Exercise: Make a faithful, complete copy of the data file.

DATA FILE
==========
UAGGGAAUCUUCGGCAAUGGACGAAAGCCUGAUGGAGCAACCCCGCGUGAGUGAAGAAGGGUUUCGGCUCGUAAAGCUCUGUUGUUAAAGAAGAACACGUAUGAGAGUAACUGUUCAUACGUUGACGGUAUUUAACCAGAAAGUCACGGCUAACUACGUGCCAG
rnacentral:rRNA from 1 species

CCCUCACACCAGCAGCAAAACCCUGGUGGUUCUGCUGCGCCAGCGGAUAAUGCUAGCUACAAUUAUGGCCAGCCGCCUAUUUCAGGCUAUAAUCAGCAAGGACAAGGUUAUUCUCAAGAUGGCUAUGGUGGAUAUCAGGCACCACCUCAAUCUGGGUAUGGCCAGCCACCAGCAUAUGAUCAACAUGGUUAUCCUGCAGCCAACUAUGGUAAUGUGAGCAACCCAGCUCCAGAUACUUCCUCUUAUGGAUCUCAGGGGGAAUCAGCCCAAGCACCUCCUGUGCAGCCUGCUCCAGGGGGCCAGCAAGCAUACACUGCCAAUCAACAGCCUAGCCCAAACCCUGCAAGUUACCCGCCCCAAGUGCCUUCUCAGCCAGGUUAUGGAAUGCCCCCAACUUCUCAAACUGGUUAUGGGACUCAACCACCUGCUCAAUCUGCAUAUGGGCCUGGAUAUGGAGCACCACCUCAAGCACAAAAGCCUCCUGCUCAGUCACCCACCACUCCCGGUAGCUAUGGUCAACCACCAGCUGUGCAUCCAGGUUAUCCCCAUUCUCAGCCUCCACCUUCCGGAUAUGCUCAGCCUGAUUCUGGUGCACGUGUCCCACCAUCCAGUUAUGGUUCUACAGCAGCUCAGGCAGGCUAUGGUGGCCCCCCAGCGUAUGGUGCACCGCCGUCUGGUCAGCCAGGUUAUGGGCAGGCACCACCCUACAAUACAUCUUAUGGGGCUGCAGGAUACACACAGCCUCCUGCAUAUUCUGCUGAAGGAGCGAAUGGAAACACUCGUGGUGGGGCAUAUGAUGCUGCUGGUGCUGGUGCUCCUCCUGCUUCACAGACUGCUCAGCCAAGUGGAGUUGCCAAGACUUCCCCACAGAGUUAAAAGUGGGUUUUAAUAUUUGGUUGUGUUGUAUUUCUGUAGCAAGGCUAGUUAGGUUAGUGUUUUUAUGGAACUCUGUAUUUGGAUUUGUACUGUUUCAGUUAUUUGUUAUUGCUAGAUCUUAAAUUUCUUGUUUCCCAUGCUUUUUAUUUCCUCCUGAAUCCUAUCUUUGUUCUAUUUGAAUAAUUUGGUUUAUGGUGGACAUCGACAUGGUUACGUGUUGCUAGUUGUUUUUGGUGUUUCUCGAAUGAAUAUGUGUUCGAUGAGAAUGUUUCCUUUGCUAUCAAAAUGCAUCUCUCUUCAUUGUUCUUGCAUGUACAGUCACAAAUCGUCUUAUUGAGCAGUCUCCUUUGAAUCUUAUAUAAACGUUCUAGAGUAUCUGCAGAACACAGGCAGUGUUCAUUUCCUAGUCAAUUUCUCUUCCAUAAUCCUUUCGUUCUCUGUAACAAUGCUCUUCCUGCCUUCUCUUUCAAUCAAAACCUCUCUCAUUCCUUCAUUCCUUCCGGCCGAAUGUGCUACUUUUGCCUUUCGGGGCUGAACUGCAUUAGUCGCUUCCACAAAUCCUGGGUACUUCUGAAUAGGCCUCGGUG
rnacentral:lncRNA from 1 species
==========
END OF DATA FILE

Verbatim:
UAGGGAAUCUUCGGCAAUGGACGAAAGCCUGAUGGAGCAACCCCGCGUGAGUGAAGAAGGGUUUCGGCUCGUAAAGCUCUGUUGUUAAAGAAGAACACGUAUGAGAGUAACUGUUCAUACGUUGACGGUAUUUAACCAGAAAGUCACGGCUAACUACGUGCCAG
rnacentral:rRNA from 1 species

CCCUCACACCAGCAGCAAAACCCUGGUGGUUCUGCUGCGCCAGCGGAUAAUGCUAGCUACAAUUAUGGCCAGCCGCCUAUUUCAGGCUAUAAUCAGCAAGGACAAGGUUAUUCUCAAGAUGGCUAUGGUGGAUAUCAGGCACCACCUCAAUCUGGGUAUGGCCAGCCACCAGCAUAUGAUCAACAUGGUUAUCCUGCAGCCAACUAUGGUAAUGUGAGCAACCCAGCUCCAGAUACUUCCUCUUAUGGAUCUCAGGGGGAAUCAGCCCAAGCACCUCCUGUGCAGCCUGCUCCAGGGGGCCAGCAAGCAUACACUGCCAAUCAACAGCCUAGCCCAAACCCUGCAAGUUACCCGCCCCAAGUGCCUUCUCAGCCAGGUUAUGGAAUGCCCCCAACUUCUCAAACUGGUUAUGGGACUCAACCACCUGCUCAAUCUGCAUAUGGGCCUGGAUAUGGAGCACCACCUCAAGCACAAAAGCCUCCUGCUCAGUCACCCACCACUCCCGGUAGCUAUGGUCAACCACCAGCUGUGCAUCCAGGUUAUCCCCAUUCUCAGCCUCCACCUUCCGGAUAUGCUCAGCCUGAUUCUGGUGCACGUGUCCCACCAUCCAGUUAUGGUUCUACAGCAGCUCAGGCAGGCUAUGGUGGCCCCCCAGCGUAUGGUGCACCGCCGUCUGGUCAGCCAGGUUAUGGGCAGGCACCACCCUACAAUACAUCUUAUGGGGCUGCAGGAUACACACAGCCUCCUGCAUAUUCUGCUGAAGGAGCGAAUGGAAACACUCGUGGUGGGGCAUAUGAUGCUGCUGGUGCUGGUGCUCCUCCUGCUUCACAGACUGCUCAGCCAAGUGGAGUUGCCAAGACUUCCCCACAGAGUUAAAAGUGGGUUUUAAUAUUUGGUUGUGUUGUAUUUCUGUAGCAAGGCUAGUUAGGUUAGUGUUUUUAUGGAACUCUGUAUUUGGAUUUGUACUGUUUCAGUUAUUUGUUAUUGCUAGAUCUUAAAUUUCUUGUUUCCCAUGCUUUUUAUUUCCUCCUGAAUCCUAUCUUUGUUCUAUUUGAAUAAUUUGGUUUAUGGUGGACAUCGACAUGGUUACGUGUUGCUAGUUGUUUUUGGUGUUUCUCGAAUGAAUAUGUGUUCGAUGAGAAUGUUUCCUUUGCUAUCAAAAUGCAUCUCUCUUCAUUGUUCUUGCAUGUACAGUCACAAAUCGUCUUAUUGAGCAGUCUCCUUUGAAUCUUAUAUAAACGUUCUAGAGUAUCUGCAGAACACAGGCAGUGUUCAUUUCCUAGUCAAUUUCUCUUCCAUAAUCCUUUCGUUCUCUGUAACAAUGCUCUUCCUGCCUUCUCUUUCAAUCAAAACCUCUCUCAUUCCUUCAUUCCUUCCGGCCGAAUGUGCUACUUUUGCCUUUCGGGGCUGAACUGCAUUAGUCGCUUCCACAAAUCCUGGGUACUUCUGAAUAGGCCUCGGUG
rnacentral:lncRNA from 1 species